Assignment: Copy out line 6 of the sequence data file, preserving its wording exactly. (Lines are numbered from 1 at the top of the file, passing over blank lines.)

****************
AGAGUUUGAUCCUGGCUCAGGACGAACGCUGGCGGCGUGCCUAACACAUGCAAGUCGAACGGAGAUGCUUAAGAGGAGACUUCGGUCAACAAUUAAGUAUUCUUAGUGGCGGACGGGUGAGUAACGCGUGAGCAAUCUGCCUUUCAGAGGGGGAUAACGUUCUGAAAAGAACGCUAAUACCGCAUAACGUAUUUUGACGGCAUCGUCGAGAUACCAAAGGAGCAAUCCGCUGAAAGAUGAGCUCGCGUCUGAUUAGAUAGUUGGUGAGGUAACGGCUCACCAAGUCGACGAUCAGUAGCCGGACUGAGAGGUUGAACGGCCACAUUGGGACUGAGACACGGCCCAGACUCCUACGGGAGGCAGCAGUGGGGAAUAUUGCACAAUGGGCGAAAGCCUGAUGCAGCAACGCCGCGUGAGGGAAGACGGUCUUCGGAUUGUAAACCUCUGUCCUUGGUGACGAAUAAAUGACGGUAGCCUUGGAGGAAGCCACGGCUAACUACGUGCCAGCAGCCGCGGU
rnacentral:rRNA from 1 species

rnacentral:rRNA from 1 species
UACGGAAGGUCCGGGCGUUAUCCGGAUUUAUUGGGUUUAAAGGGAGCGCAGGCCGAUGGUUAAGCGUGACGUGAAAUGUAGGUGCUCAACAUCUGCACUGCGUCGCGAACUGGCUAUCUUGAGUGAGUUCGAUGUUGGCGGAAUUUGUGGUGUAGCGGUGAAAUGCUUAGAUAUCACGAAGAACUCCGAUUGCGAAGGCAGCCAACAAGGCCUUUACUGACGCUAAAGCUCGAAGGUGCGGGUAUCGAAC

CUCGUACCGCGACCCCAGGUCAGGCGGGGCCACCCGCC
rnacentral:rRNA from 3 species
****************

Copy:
rnacentral:rRNA from 3 species